PURPOSE: To determine the preoperative characteristics, intraoperative and postoperative complications, and outcomes of eyes with posteriorly inserted vitreous base. METHODS: In this retrospective, observational, consecutive case series at 2 academic centers, 37 patients were studied who had posteriorly inserted vitreous base noted during vitrectomy. Posteriorly inserted vitreous base was defined as the insertion of the posterior hyaloid membrane being located posterior to the vortex veins. Fifteen eyes were analyzed in a histopathologic study of donor eyes to determine the average distance of the ora serrata from the vortex veins as this distance is uncertain. RESULTS: Posteriorly inserted vitreous base was identified during vitrectomy in 31 eyes with rhegmatogenous retinal detachment (84%), 4 with macular hole (11%), 1 with vitreous hemorrhage, and 1 with epiretinal membrane. Adjunctive buckle was used in 24%; 54% had 360° laser. Average number of tears seen preoperatively in those with rhegmatogenous retinal detachment was 3.1. Thirty percent had new breaks identified intraoperatively. Forty-one percent had lattice degeneration; new breaks were found in 40% of eyes with lattice. Thirteen percent of rhegmatogenous retinal detachments developed proliferative vitreoretinopathy. Average distance from the ora serrata to the vortex veins was 7.6 mm. CONCLUSION: Any eye undergoing vitrectomy may have posteriorly inserted vitreous base, but those with a high number of retinal breaks and lattice near the equator may be at highest risk. Redetachment and proliferative vitreoretinopathy still occur despite knowledge of the disorder and adjuvant treatments.
Vu THK, Chen H, Pan L, Cho K-S, Doesburg D, Thee EF, Wu N, Arlotti E, Jager MJ, Chen DF. CD4 T Cell Responses Mediate Progressive Neurodegeneration in Experimental Ischemic Retinopathy. Am J Pathol 2020;Abstract
Retinal ischemic events as a result of occlusion of the ocular vasculature share similar etiologies of central nervous system (CNS) stroke and are among the most common cause of acute and irreversible vision loss in elderly patients. Currently, there is no established treatment, and the condition often leaves patients with seriously impaired vision or blindness. The immune system, particularly T cell-mediated responses, is thought to be intricately involved, but their exact roles remain elusive. Here we showed that acute ischemia/reperfusion injury to the retina induced a prolonged phase of retinal ganglion cell (RGC) loss that continued to progress over 8 weeks post procedure. This was accompanied by microglial activation and CD4 T cell infiltration into the retina. Adoptive transfer of CD4 T cells isolated from diseased mice exacerbated RGC loss in mice with retinal reperfusion damage. Whereas, T cell deficiency or administration of T cell or interferon-γ neutralizing antibody attenuated RGC degeneration and retinal function loss after injury. These findings demonstrate a crucial role for T cell-mediated responses in the pathogenesis of neural ischemia. They point to novel therapeutic targets of limiting or preventing neuron and function loss for currently untreatable conditions of optic neuropathy and/or CNS ischemic stroke.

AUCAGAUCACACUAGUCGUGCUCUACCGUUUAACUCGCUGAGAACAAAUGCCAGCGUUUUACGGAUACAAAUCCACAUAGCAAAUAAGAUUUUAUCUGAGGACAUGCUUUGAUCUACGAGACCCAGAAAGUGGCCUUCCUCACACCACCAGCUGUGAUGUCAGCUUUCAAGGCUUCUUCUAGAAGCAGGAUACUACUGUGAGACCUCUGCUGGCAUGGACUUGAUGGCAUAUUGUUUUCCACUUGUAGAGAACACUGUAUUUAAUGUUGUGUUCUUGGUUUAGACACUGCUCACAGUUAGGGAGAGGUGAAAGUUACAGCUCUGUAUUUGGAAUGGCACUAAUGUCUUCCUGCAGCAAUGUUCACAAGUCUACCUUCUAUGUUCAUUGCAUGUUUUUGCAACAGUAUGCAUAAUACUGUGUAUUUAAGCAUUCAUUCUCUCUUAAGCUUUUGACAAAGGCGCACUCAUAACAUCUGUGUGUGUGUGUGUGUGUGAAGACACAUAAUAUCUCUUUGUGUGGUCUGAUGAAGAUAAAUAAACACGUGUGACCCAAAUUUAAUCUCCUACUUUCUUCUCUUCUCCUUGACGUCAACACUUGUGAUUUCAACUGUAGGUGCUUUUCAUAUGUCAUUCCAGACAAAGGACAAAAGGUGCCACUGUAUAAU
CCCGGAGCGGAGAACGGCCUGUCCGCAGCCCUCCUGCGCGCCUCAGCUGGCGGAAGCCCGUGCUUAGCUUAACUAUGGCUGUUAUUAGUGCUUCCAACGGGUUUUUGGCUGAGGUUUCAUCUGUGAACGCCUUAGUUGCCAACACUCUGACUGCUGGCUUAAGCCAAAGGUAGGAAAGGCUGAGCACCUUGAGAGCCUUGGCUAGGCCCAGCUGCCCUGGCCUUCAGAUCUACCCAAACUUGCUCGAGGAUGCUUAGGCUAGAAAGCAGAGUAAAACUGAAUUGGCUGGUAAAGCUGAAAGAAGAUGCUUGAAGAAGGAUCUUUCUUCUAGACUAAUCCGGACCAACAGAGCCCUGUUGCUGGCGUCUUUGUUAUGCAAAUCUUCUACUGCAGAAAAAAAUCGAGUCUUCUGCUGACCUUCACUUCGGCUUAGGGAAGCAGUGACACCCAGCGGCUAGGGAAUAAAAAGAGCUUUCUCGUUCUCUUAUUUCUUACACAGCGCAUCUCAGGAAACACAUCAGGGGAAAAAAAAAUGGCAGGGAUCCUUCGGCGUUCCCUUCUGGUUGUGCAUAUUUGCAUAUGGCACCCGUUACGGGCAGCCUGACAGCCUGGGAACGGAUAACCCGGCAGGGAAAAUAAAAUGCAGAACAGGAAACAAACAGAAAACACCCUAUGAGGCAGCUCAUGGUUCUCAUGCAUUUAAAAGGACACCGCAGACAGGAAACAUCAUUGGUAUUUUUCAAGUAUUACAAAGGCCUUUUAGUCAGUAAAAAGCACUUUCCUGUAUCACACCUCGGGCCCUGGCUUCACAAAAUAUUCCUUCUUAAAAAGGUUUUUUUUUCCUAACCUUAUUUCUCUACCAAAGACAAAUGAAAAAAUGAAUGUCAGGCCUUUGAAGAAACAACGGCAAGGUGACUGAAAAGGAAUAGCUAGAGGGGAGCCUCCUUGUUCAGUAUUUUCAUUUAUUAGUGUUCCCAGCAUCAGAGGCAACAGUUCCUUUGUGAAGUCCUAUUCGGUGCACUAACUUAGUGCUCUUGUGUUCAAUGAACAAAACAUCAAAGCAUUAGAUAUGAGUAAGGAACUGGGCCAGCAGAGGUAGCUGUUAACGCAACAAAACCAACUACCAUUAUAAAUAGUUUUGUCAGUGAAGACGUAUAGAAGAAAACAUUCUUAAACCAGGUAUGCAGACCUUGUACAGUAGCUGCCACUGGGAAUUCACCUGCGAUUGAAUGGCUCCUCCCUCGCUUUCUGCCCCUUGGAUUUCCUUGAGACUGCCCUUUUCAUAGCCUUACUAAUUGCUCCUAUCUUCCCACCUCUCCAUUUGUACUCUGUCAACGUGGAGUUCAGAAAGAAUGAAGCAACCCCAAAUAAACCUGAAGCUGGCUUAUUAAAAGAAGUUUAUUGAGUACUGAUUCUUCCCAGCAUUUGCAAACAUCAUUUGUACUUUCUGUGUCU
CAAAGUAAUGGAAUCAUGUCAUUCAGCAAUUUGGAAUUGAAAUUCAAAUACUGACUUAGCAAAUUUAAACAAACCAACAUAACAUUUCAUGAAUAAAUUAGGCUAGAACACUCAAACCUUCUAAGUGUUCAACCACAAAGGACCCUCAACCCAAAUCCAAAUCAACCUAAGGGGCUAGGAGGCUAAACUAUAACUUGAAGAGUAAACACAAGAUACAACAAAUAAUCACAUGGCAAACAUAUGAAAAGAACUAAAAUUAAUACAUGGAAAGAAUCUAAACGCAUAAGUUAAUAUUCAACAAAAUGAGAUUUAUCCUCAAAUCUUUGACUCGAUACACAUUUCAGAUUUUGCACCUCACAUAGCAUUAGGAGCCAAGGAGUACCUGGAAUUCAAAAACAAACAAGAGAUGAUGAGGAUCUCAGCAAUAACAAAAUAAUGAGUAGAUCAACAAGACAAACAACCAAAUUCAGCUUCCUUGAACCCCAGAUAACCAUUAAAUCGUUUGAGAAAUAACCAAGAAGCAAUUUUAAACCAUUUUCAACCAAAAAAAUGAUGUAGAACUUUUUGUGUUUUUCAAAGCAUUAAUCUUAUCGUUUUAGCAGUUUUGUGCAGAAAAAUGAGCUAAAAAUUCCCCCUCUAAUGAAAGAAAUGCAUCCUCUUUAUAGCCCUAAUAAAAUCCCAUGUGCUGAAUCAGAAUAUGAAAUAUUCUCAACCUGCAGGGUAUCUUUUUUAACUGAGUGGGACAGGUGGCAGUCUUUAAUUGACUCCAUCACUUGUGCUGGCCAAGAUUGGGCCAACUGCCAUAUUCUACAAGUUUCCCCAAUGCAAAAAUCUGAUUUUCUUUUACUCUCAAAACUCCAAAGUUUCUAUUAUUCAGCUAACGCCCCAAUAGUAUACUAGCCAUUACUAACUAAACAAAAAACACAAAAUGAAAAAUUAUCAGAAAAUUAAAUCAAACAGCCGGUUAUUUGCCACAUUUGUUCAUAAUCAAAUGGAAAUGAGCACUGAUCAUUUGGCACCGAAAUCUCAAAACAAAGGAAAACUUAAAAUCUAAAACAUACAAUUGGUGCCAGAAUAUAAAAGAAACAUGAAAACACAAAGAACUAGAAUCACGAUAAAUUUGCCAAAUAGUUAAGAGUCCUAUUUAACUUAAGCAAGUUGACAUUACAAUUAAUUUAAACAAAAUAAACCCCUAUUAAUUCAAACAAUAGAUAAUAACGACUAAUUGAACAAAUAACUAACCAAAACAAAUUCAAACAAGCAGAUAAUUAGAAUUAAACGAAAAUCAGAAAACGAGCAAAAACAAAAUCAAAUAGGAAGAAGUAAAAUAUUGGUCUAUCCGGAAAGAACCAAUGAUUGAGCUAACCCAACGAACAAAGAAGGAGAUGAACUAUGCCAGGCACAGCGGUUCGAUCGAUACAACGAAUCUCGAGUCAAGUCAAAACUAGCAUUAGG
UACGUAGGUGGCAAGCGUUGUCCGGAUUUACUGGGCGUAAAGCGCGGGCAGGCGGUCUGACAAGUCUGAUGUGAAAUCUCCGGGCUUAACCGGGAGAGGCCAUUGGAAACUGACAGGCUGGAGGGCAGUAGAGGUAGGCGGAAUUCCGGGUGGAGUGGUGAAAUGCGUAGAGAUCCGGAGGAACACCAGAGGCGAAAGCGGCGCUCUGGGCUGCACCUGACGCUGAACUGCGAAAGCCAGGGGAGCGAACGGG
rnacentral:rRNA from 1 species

Baumal CR, Sarraf D, Bryant T, Gui W, Muakkassa N, Pichi F, Querques G, Choudhry N, Teke MY, Govetto A, Invernizzi A, Eliott D, Gaudric A, Cunha de Souza E, Naysan J, Lembo A, Lee GC, Freund BK. Henle fibre layer haemorrhage: clinical features and pathogenesis. Br J Ophthalmol 2020;Abstract
BACKGROUND: To describe the clinical presentation and characteristic imaging features of deep retinal haemorrhages primarily located in the Henle fibre layer (HFL) of the macula. The spectrum of aetiologies and a comprehensive theory of pathogenesis are presented. METHODS: This is a retrospective, multicentre case series evaluating eyes with retinal haemorrhage in HFL. Clinical features, underlying aetiology, systemic and ocular risk factors, visual acuity, and multimodal imaging including fundus photography and cross-sectional and en face optical coherence tomography (OCT) are presented. RESULTS: Retinal haemorrhages localised to HFL in 33 eyes from 23 patients were secondary to acute blunt trauma to the head (n=2), eye (n=1) and trunk (n=1), ruptured intracranial aneurysm (Terson's syndrome, n=3), general anaesthesia (n=1), epidural anaesthesia (n=1), hypertension with anaemia (n=1), decompression retinopathy (n=1), postvitrectomy with intraocular gas (n=1), retinal vein occlusion (n=7), myopic degeneration (n=2), macular telangiectasia type 2 (n=1), and polypoidal choroidal vasculopathy (n=1). Defining clinical features included deep retinal haemorrhage with feathery margin and petaloid pattern radiating from the fovea. OCT demonstrated characteristic hyper-reflectivity from the haemorrhage delineated by obliquely oriented fibres in the Henle layer. Spontaneous resolution of HFL haemorrhage occurred after 3 months in 15 patients with follow-up. CONCLUSION: The characteristic petaloid-shaped, deep intraretinal haemorrhage with a feathery margin localised to HFL is associated with various disorders. The terminology 'Henle fiber layer hemorrhage (HH)' is proposed to describe the clinical and OCT findings, which may result from abnormal retinal venous pressure from systemic or local retinovascular disorders affecting the deep capillary plexus or from choroidal vascular abnormalities.